AIDS, caused by infection with the human immunodeficiency virus type 1 (HIV-1) is associated with enormous morbidity and mortality worldwide. Although recent advances have been made in antiretroviral therapy for AIDS, there is no cure for HIV infection or AIDS, and drug therapy is too expensive for most infected populations. The development of safe, effective vaccines to prevent HIV infection and AIDS worldwide is a commitment of some health-oriented organizations. A major goal in the effort to design an effective vaccine has been the identification of the immunologic correlates of protective immunity. Non-neutralizing antibodies might possess clinically important anti-HIV activities that remain to be defined and warrant investigation. The role played by antibody with minimal neutralizing activity induced by various HIV vaccination strategies is unknown. It is possible that low-level neutralization or other activities may lead to an improvement or worsening in disease course following infection. For this reason it is proposed that a challenge trial in the rhesus macaque SHIV model be performed, in which the role of such antibodies, which are derived from non-infected human vaccinees, will be evaluated.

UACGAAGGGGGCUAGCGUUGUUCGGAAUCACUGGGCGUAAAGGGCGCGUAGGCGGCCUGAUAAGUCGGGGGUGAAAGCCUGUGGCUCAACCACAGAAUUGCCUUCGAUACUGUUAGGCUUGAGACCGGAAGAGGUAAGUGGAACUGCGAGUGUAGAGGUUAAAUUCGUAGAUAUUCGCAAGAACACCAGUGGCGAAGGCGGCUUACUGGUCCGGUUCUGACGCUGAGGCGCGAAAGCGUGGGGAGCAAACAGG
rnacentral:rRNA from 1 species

This is a 2-part study. Part I involves human participants; Part II involves rhesus macaques.

Part 1: Human participants are divided into 2 groups:

Group I: Participants who previously were enrolled in specific AIDS Vaccine Evaluation Group (AVEG) protocols are immunized with a single dose of the recombinant gp160MN/LAI-2 vaccine in alum (aluminum hydroxide adjuvant) on Day 0 of the study.

Group II: Participants who are vaccine naive receive no immunization. Each participant will have 5 clinic visits during the study. Blood is drawn at each visit for routine testing and immune system check. Sera is drawn from participants for neutralizing antibody determination. Approximately 3 weeks after immunization (Day 18), blood is drawn from participants of both groups for a plasmapheresis procedure in which platelets and plasma are removed. This process is repeated 1 week later. Immunoglobulin G (IgG) is purified from the plasma of vaccinated participants.